The 11 O'Clock Syndrome
It’s time to stop being a semi-skilled nation now …
Photo Credit :
In India if you book a plumber to come and rescue you from a flooded bathroom, chances are you will get a call at 11 a.m. the following day asking you to repeat your complaint or checking on directions to your address. If you sputter in rage, the voice on the phone will likely say: “But our office opens only at 10 and I had to collect my tools.”
That fits the phrase ‘tooling around’, which means ‘to drive or jaunt about from place to place without any specific direction or goal’. The plumber will eventually do his (yes, I have yet to encounter a female plumber) work; at least he is not a layabout, which is what many of our unemployed or under-employed youth might end up becoming if the government and private sector do not create enough jobs.
Talking about plumbing, the Indian Plumbing Skills Council (IPSC) says it faces a ‘mammoth challenge’ of a shortage of skilled manpower. The IPSC estimates the size of the plumbing industry was Rs 33,000 crore in 2010-11, when it employed roughly 800,000 people, and adds that about 90 per cent of the plumbing workforce is not professionally trained, with most plumbers learning on-the-job (a.k.a. jugaad).
We all agree that India faces a skilling crisis, but exactly what does that mean in numbers? Nobody seems to have a precise idea, because the government says it does not trust its own labour statistics, which in any case count only establishments employing ten or more people. If you are a self-employed plumber, you don’t count.
Finding skilled employees is a tough task, as any HR professional will tell you. Our burgeoning call centres employ tens of thousands of young people. Most of them receive rudimentary training. When you talk with a call-centre employee, you will usually hear loud gup-shup, laughter and background noise. Sometimes it takes three or four attempts before the attention-deficient ‘associate’ gets your name or phone number right. These young people are the foot-soldiers of the new economy. They are cannon fodder – low-paid, poorly equipped, barely trained and highly expendable.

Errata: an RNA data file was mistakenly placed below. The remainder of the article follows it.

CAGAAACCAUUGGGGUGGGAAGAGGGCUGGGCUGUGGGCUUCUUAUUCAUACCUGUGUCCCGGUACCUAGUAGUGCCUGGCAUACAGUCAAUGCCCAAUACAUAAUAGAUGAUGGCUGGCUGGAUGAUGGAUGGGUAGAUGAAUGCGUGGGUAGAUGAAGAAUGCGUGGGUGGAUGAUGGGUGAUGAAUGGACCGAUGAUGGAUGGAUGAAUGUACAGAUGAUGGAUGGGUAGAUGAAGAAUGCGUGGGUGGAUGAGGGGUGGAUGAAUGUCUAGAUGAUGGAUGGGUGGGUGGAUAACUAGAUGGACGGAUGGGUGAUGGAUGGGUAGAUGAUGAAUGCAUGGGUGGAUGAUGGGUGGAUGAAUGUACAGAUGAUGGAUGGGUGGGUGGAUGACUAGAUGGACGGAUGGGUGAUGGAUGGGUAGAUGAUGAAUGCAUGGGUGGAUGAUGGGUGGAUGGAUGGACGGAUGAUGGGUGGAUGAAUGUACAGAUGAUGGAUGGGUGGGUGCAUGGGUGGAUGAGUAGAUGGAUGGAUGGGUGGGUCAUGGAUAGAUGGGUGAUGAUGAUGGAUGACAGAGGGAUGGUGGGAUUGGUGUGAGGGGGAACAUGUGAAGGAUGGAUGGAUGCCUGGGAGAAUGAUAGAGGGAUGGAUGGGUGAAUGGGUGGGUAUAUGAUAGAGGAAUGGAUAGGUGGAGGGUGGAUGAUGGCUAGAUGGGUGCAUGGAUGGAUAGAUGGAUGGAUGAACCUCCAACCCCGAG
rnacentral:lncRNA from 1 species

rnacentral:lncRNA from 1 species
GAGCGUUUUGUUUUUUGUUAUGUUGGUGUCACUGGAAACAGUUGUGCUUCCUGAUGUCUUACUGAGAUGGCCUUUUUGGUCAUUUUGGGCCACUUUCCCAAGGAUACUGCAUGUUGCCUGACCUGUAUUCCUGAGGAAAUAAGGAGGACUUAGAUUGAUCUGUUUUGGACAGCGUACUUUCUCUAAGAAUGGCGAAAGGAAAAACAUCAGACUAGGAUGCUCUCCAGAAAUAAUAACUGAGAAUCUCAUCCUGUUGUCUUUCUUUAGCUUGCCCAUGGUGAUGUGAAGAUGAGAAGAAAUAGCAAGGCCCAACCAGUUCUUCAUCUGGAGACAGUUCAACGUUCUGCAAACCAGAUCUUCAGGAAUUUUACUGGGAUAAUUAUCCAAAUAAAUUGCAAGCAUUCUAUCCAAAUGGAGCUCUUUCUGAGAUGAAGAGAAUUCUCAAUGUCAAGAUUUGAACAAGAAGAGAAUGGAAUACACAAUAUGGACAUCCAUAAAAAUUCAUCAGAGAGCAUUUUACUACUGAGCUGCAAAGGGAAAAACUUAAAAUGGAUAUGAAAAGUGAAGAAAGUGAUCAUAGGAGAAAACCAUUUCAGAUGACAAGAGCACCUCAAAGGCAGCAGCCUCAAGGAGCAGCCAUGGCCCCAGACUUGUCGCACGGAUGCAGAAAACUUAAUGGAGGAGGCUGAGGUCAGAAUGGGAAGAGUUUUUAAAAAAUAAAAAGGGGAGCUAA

Take drivers for instance. Official data show a total of 44 million vehicles on Indian roads as of March 31, 2012. You can assume that number has risen by at least a quarter since. One survey I saw said drivers (chauffeurs) were the highest-paid among domestic help staff in major Indian cities, but they are lucky if they make Rs 15,000 a month. Most of them learnt driving at fly-by-night schools. Poor driving skills and poorer compliance with road safety rules cause high accident rates.
A total of 150,785 people died on Indian roads in 2016. Road transport and highways minister Nitin Gadkari said fatality rates fell by 4.75 per cent in January-July 2017. Separately, Gadkari was quoted as saying: “No driverless cars will be allowed in India. The government is not going to promote any technology or policy that will make people jobless.”
Quietly working to limit its pension bill, the Modi government itself is guilty of dumbing down its lower ranks. For instance most of its ‘multi-tasking staff’ (formerly known as chaprasis) are contract workers supplied by private body shops. The number of outsourced workers in central establishments soared to 1.11 million in 2017, up 32 per cent from 2015.